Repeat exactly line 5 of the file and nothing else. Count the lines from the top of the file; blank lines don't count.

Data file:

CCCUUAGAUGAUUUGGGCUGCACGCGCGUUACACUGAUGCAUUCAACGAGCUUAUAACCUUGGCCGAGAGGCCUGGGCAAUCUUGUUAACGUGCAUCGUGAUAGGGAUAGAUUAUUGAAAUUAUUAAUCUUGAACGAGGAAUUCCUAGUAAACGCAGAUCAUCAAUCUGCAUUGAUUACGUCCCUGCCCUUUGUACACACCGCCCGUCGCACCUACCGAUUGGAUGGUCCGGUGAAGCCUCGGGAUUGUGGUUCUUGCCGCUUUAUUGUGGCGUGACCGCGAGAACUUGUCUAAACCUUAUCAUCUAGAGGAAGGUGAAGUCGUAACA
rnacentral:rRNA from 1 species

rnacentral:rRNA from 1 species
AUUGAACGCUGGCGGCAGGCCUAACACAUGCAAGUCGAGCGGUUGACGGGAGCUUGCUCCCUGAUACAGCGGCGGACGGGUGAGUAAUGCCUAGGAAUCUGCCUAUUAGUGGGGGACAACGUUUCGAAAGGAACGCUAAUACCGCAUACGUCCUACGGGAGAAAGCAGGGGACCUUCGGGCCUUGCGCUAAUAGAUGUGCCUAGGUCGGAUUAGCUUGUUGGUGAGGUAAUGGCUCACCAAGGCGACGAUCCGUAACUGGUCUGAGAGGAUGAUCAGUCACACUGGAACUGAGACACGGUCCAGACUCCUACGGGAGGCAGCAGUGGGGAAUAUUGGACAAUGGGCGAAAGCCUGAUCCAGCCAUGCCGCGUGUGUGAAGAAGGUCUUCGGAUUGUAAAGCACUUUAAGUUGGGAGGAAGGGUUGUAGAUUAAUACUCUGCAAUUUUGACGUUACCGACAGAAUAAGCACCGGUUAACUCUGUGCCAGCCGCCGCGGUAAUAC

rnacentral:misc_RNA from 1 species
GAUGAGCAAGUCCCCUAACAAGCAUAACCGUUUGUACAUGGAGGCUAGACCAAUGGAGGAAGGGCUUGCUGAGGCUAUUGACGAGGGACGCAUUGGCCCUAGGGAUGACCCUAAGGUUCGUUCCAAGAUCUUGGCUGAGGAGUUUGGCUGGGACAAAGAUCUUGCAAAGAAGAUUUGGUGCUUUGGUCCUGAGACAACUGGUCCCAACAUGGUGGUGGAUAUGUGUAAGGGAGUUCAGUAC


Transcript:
rnacentral:misc_RNA from 1 species